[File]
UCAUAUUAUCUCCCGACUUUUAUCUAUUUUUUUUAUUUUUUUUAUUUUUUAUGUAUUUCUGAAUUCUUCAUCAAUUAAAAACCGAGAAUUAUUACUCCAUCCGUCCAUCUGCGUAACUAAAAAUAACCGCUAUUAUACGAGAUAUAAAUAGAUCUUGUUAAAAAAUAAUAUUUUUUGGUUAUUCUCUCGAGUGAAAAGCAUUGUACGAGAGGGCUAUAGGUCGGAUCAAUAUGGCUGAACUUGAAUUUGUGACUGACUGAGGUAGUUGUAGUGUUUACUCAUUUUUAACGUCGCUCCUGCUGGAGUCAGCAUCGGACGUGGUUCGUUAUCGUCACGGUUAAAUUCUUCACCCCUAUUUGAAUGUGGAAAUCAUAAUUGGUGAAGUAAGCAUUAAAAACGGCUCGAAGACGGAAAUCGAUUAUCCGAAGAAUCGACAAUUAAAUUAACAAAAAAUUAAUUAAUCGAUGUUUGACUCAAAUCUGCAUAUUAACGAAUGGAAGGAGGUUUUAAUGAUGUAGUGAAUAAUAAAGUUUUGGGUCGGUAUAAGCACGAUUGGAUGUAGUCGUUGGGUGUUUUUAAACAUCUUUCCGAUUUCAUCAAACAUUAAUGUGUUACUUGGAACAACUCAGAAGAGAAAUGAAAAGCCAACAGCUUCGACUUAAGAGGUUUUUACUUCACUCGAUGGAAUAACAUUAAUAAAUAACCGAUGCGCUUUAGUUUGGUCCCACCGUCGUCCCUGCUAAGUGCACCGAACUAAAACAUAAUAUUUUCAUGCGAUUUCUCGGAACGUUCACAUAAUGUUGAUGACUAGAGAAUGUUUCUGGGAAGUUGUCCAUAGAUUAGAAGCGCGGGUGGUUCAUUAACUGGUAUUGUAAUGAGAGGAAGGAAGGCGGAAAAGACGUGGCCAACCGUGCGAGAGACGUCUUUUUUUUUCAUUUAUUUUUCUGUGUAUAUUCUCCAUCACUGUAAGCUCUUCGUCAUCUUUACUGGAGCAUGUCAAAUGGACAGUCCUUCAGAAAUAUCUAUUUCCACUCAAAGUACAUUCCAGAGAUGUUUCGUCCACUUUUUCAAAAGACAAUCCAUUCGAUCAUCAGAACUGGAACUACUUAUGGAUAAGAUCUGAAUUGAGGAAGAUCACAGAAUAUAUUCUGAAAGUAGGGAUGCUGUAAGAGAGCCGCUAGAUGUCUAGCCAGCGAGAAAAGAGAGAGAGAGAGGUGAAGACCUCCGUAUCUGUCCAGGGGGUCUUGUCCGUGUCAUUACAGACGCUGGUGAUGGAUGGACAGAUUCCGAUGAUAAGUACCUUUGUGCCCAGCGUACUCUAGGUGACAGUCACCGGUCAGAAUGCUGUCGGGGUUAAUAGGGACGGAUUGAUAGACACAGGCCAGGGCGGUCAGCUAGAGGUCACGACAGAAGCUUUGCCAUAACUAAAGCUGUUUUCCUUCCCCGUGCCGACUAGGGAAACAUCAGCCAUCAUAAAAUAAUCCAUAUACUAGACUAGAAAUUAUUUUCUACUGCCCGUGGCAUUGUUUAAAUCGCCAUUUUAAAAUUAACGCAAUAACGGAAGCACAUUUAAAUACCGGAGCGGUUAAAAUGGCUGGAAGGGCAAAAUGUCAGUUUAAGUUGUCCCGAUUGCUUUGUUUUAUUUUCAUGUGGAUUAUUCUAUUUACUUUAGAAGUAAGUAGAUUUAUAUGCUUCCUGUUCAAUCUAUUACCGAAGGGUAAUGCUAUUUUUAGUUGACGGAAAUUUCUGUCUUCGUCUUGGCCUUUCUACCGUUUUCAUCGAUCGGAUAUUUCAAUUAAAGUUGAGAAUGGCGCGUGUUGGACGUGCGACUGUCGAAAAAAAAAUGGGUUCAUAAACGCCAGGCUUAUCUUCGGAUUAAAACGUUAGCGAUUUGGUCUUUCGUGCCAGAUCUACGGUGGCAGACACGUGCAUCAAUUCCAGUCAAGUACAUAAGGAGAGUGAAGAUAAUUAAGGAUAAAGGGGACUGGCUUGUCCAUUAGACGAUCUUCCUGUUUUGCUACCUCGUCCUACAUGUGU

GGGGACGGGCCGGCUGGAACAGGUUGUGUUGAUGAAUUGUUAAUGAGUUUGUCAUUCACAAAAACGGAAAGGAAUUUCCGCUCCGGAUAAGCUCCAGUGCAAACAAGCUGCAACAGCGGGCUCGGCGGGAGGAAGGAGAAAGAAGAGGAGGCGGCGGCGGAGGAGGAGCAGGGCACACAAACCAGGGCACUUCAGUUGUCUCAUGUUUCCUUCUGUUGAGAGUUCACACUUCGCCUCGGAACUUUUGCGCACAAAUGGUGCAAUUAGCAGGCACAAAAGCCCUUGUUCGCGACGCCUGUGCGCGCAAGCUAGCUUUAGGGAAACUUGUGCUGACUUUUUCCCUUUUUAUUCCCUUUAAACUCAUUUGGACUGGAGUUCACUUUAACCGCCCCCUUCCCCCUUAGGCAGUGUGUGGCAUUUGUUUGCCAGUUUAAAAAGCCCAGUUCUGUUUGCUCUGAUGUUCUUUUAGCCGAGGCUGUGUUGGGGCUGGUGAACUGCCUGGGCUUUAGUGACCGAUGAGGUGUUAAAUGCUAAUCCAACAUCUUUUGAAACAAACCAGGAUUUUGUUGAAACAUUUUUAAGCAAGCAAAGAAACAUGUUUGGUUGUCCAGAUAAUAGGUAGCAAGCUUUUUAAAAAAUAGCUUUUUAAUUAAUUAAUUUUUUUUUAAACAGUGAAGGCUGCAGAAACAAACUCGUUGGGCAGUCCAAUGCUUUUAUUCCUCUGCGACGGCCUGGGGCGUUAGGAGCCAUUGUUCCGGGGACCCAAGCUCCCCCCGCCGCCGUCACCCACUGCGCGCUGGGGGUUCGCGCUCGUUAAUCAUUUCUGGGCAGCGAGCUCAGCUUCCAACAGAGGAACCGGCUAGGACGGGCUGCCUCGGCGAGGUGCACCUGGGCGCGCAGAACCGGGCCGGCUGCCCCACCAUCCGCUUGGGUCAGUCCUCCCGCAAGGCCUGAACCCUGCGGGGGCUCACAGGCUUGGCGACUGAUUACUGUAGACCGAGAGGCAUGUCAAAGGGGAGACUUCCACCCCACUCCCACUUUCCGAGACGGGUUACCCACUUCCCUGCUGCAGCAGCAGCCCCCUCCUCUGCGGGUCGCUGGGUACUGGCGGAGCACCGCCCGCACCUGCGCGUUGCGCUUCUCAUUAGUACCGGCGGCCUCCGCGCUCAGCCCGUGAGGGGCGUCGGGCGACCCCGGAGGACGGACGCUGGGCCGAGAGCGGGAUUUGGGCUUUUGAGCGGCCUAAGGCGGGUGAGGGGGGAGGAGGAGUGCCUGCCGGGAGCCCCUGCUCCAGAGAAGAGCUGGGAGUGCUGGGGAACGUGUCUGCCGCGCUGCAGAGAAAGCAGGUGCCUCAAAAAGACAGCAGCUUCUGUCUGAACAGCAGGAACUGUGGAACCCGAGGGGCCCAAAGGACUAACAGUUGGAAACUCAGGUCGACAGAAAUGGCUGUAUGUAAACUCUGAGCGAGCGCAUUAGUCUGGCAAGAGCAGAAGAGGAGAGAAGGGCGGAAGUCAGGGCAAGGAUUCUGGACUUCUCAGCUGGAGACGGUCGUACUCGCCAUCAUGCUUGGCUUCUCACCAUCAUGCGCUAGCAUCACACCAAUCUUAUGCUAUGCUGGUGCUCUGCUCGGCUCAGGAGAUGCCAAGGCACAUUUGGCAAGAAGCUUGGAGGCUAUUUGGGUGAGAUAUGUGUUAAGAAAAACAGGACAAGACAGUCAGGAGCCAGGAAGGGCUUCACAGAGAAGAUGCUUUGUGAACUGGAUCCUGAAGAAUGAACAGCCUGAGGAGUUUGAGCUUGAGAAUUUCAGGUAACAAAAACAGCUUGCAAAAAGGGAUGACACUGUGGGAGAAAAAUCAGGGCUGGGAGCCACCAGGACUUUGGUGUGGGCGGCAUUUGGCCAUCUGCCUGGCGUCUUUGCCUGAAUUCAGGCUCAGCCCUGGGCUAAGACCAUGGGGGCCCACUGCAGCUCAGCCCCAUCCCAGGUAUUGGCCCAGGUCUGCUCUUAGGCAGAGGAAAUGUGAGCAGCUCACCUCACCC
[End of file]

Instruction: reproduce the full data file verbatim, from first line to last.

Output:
UCAUAUUAUCUCCCGACUUUUAUCUAUUUUUUUUAUUUUUUUUAUUUUUUAUGUAUUUCUGAAUUCUUCAUCAAUUAAAAACCGAGAAUUAUUACUCCAUCCGUCCAUCUGCGUAACUAAAAAUAACCGCUAUUAUACGAGAUAUAAAUAGAUCUUGUUAAAAAAUAAUAUUUUUUGGUUAUUCUCUCGAGUGAAAAGCAUUGUACGAGAGGGCUAUAGGUCGGAUCAAUAUGGCUGAACUUGAAUUUGUGACUGACUGAGGUAGUUGUAGUGUUUACUCAUUUUUAACGUCGCUCCUGCUGGAGUCAGCAUCGGACGUGGUUCGUUAUCGUCACGGUUAAAUUCUUCACCCCUAUUUGAAUGUGGAAAUCAUAAUUGGUGAAGUAAGCAUUAAAAACGGCUCGAAGACGGAAAUCGAUUAUCCGAAGAAUCGACAAUUAAAUUAACAAAAAAUUAAUUAAUCGAUGUUUGACUCAAAUCUGCAUAUUAACGAAUGGAAGGAGGUUUUAAUGAUGUAGUGAAUAAUAAAGUUUUGGGUCGGUAUAAGCACGAUUGGAUGUAGUCGUUGGGUGUUUUUAAACAUCUUUCCGAUUUCAUCAAACAUUAAUGUGUUACUUGGAACAACUCAGAAGAGAAAUGAAAAGCCAACAGCUUCGACUUAAGAGGUUUUUACUUCACUCGAUGGAAUAACAUUAAUAAAUAACCGAUGCGCUUUAGUUUGGUCCCACCGUCGUCCCUGCUAAGUGCACCGAACUAAAACAUAAUAUUUUCAUGCGAUUUCUCGGAACGUUCACAUAAUGUUGAUGACUAGAGAAUGUUUCUGGGAAGUUGUCCAUAGAUUAGAAGCGCGGGUGGUUCAUUAACUGGUAUUGUAAUGAGAGGAAGGAAGGCGGAAAAGACGUGGCCAACCGUGCGAGAGACGUCUUUUUUUUUCAUUUAUUUUUCUGUGUAUAUUCUCCAUCACUGUAAGCUCUUCGUCAUCUUUACUGGAGCAUGUCAAAUGGACAGUCCUUCAGAAAUAUCUAUUUCCACUCAAAGUACAUUCCAGAGAUGUUUCGUCCACUUUUUCAAAAGACAAUCCAUUCGAUCAUCAGAACUGGAACUACUUAUGGAUAAGAUCUGAAUUGAGGAAGAUCACAGAAUAUAUUCUGAAAGUAGGGAUGCUGUAAGAGAGCCGCUAGAUGUCUAGCCAGCGAGAAAAGAGAGAGAGAGAGGUGAAGACCUCCGUAUCUGUCCAGGGGGUCUUGUCCGUGUCAUUACAGACGCUGGUGAUGGAUGGACAGAUUCCGAUGAUAAGUACCUUUGUGCCCAGCGUACUCUAGGUGACAGUCACCGGUCAGAAUGCUGUCGGGGUUAAUAGGGACGGAUUGAUAGACACAGGCCAGGGCGGUCAGCUAGAGGUCACGACAGAAGCUUUGCCAUAACUAAAGCUGUUUUCCUUCCCCGUGCCGACUAGGGAAACAUCAGCCAUCAUAAAAUAAUCCAUAUACUAGACUAGAAAUUAUUUUCUACUGCCCGUGGCAUUGUUUAAAUCGCCAUUUUAAAAUUAACGCAAUAACGGAAGCACAUUUAAAUACCGGAGCGGUUAAAAUGGCUGGAAGGGCAAAAUGUCAGUUUAAGUUGUCCCGAUUGCUUUGUUUUAUUUUCAUGUGGAUUAUUCUAUUUACUUUAGAAGUAAGUAGAUUUAUAUGCUUCCUGUUCAAUCUAUUACCGAAGGGUAAUGCUAUUUUUAGUUGACGGAAAUUUCUGUCUUCGUCUUGGCCUUUCUACCGUUUUCAUCGAUCGGAUAUUUCAAUUAAAGUUGAGAAUGGCGCGUGUUGGACGUGCGACUGUCGAAAAAAAAAUGGGUUCAUAAACGCCAGGCUUAUCUUCGGAUUAAAACGUUAGCGAUUUGGUCUUUCGUGCCAGAUCUACGGUGGCAGACACGUGCAUCAAUUCCAGUCAAGUACAUAAGGAGAGUGAAGAUAAUUAAGGAUAAAGGGGACUGGCUUGUCCAUUAGACGAUCUUCCUGUUUUGCUACCUCGUCCUACAUGUGU

GGGGACGGGCCGGCUGGAACAGGUUGUGUUGAUGAAUUGUUAAUGAGUUUGUCAUUCACAAAAACGGAAAGGAAUUUCCGCUCCGGAUAAGCUCCAGUGCAAACAAGCUGCAACAGCGGGCUCGGCGGGAGGAAGGAGAAAGAAGAGGAGGCGGCGGCGGAGGAGGAGCAGGGCACACAAACCAGGGCACUUCAGUUGUCUCAUGUUUCCUUCUGUUGAGAGUUCACACUUCGCCUCGGAACUUUUGCGCACAAAUGGUGCAAUUAGCAGGCACAAAAGCCCUUGUUCGCGACGCCUGUGCGCGCAAGCUAGCUUUAGGGAAACUUGUGCUGACUUUUUCCCUUUUUAUUCCCUUUAAACUCAUUUGGACUGGAGUUCACUUUAACCGCCCCCUUCCCCCUUAGGCAGUGUGUGGCAUUUGUUUGCCAGUUUAAAAAGCCCAGUUCUGUUUGCUCUGAUGUUCUUUUAGCCGAGGCUGUGUUGGGGCUGGUGAACUGCCUGGGCUUUAGUGACCGAUGAGGUGUUAAAUGCUAAUCCAACAUCUUUUGAAACAAACCAGGAUUUUGUUGAAACAUUUUUAAGCAAGCAAAGAAACAUGUUUGGUUGUCCAGAUAAUAGGUAGCAAGCUUUUUAAAAAAUAGCUUUUUAAUUAAUUAAUUUUUUUUUAAACAGUGAAGGCUGCAGAAACAAACUCGUUGGGCAGUCCAAUGCUUUUAUUCCUCUGCGACGGCCUGGGGCGUUAGGAGCCAUUGUUCCGGGGACCCAAGCUCCCCCCGCCGCCGUCACCCACUGCGCGCUGGGGGUUCGCGCUCGUUAAUCAUUUCUGGGCAGCGAGCUCAGCUUCCAACAGAGGAACCGGCUAGGACGGGCUGCCUCGGCGAGGUGCACCUGGGCGCGCAGAACCGGGCCGGCUGCCCCACCAUCCGCUUGGGUCAGUCCUCCCGCAAGGCCUGAACCCUGCGGGGGCUCACAGGCUUGGCGACUGAUUACUGUAGACCGAGAGGCAUGUCAAAGGGGAGACUUCCACCCCACUCCCACUUUCCGAGACGGGUUACCCACUUCCCUGCUGCAGCAGCAGCCCCCUCCUCUGCGGGUCGCUGGGUACUGGCGGAGCACCGCCCGCACCUGCGCGUUGCGCUUCUCAUUAGUACCGGCGGCCUCCGCGCUCAGCCCGUGAGGGGCGUCGGGCGACCCCGGAGGACGGACGCUGGGCCGAGAGCGGGAUUUGGGCUUUUGAGCGGCCUAAGGCGGGUGAGGGGGGAGGAGGAGUGCCUGCCGGGAGCCCCUGCUCCAGAGAAGAGCUGGGAGUGCUGGGGAACGUGUCUGCCGCGCUGCAGAGAAAGCAGGUGCCUCAAAAAGACAGCAGCUUCUGUCUGAACAGCAGGAACUGUGGAACCCGAGGGGCCCAAAGGACUAACAGUUGGAAACUCAGGUCGACAGAAAUGGCUGUAUGUAAACUCUGAGCGAGCGCAUUAGUCUGGCAAGAGCAGAAGAGGAGAGAAGGGCGGAAGUCAGGGCAAGGAUUCUGGACUUCUCAGCUGGAGACGGUCGUACUCGCCAUCAUGCUUGGCUUCUCACCAUCAUGCGCUAGCAUCACACCAAUCUUAUGCUAUGCUGGUGCUCUGCUCGGCUCAGGAGAUGCCAAGGCACAUUUGGCAAGAAGCUUGGAGGCUAUUUGGGUGAGAUAUGUGUUAAGAAAAACAGGACAAGACAGUCAGGAGCCAGGAAGGGCUUCACAGAGAAGAUGCUUUGUGAACUGGAUCCUGAAGAAUGAACAGCCUGAGGAGUUUGAGCUUGAGAAUUUCAGGUAACAAAAACAGCUUGCAAAAAGGGAUGACACUGUGGGAGAAAAAUCAGGGCUGGGAGCCACCAGGACUUUGGUGUGGGCGGCAUUUGGCCAUCUGCCUGGCGUCUUUGCCUGAAUUCAGGCUCAGCCCUGGGCUAAGACCAUGGGGGCCCACUGCAGCUCAGCCCCAUCCCAGGUAUUGGCCCAGGUCUGCUCUUAGGCAGAGGAAAUGUGAGCAGCUCACCUCACCC